With less than 100 speakers of each left, Mexicos National Institute of Indian Languages is warning that sixty-four of the countrys 364 Indian dialects are at high risk of dying out.
Javier Lopez Sanchez, who heads up the Mexican National Institute of Indian Languages, told the Mexican Newspaper Informador that of the 364 indigenous Indian dialects in Mexico, which are versions of the country’s 68 indigenous languages, 64 could indeed eventually perish.
In many cases, according to Lopez Sanchez, speakers of disappearing dialects are dispersed and no longer live in a single community.
Many parents aren’t passing their languages on to their children, and in communities in Mexico’s north, Indian children may have a passive understanding of their parent’s language but are unwilling or unable to speak it, he explained.
“There are entire communities where the children don’t speak their indigenous language,” Lopez Sanchez told the Associated Press.
Expert Francisco Barriga said one problem undermining Indian languages is that media and Internet favor Spanish, Mexico’s dominant national language.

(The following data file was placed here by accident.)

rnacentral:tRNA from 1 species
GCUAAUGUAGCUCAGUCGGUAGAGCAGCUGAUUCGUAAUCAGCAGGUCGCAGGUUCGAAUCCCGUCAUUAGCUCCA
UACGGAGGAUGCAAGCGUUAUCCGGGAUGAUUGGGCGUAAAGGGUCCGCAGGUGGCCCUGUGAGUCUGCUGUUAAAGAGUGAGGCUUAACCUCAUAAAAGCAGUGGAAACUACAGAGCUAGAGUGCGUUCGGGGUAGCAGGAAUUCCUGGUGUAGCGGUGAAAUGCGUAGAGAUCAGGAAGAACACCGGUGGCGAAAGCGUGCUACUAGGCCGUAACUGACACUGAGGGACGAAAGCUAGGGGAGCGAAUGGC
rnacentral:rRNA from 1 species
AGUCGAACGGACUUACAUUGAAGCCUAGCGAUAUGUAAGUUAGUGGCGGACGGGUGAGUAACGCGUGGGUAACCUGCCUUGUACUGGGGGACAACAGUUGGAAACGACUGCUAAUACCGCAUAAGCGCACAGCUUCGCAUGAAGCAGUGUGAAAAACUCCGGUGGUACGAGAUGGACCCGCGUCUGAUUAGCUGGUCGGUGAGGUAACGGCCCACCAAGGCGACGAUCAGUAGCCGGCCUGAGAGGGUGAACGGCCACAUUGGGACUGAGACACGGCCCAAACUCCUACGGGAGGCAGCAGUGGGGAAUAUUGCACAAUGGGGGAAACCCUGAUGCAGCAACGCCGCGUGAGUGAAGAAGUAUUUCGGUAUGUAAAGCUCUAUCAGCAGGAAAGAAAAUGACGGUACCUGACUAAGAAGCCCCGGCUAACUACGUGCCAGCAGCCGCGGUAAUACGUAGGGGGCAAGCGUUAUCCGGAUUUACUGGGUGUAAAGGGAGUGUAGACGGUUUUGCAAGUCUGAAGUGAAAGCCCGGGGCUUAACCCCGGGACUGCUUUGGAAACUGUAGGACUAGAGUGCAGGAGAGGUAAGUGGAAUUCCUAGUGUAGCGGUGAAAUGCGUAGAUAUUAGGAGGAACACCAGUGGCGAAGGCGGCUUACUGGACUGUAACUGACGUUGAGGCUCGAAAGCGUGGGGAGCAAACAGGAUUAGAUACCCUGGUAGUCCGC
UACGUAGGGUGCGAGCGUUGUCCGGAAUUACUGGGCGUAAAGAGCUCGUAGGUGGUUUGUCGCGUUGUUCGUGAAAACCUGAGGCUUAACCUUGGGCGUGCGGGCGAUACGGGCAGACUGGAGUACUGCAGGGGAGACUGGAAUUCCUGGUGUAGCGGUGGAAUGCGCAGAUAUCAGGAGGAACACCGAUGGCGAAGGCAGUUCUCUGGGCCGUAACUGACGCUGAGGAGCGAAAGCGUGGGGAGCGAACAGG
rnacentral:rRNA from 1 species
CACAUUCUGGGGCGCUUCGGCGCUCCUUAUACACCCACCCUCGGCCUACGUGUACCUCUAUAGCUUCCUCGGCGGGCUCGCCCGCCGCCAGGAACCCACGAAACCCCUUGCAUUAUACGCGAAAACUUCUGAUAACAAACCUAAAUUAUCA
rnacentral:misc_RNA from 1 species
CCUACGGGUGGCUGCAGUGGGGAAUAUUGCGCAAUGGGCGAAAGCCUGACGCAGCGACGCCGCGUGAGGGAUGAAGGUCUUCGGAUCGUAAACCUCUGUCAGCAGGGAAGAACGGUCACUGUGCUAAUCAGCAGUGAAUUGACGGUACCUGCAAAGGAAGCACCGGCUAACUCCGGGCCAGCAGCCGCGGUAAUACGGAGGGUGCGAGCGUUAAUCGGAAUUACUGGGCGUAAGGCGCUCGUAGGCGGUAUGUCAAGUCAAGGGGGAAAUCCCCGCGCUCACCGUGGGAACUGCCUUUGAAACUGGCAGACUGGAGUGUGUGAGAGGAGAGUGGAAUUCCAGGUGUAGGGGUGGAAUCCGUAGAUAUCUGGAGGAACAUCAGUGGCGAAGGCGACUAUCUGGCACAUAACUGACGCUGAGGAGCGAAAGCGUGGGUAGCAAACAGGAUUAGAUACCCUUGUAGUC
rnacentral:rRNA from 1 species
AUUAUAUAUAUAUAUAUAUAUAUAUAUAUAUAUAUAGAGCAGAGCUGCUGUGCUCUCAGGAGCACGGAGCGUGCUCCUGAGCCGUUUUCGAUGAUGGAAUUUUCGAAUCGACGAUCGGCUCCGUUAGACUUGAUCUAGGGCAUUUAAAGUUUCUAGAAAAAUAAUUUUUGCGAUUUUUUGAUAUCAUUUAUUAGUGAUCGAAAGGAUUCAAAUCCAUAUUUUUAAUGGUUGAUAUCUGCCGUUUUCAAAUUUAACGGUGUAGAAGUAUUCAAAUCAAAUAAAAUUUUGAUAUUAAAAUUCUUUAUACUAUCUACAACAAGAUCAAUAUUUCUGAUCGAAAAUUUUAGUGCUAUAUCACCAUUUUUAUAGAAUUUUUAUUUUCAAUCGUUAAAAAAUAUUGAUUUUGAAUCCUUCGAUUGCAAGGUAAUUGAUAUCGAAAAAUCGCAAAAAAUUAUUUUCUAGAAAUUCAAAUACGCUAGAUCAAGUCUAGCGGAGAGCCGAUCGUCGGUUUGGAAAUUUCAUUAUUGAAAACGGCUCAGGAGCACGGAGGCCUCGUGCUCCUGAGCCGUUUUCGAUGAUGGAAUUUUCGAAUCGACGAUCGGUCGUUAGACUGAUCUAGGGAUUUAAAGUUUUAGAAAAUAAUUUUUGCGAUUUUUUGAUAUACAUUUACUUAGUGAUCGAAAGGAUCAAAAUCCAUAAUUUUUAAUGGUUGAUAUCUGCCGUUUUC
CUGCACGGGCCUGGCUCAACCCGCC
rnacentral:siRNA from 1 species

“Children … turn on the television, go to school, they try to integrate themselves, and Spanish is omni-present,” Barriga said. “The key issue is to make Indian languages present in the media.”
Click on the interactive map on www.endangeredlanguages.com to explore more about endangered and dying languages around the world.
By Alex Dupont
Marketing Communications Specialist
Language Translation Inc.
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Scores of indigenous dialects in Mexico are at ‘high risk’ of disappearing, the head of the country’s National Institute of Indigenous Languages has warned.
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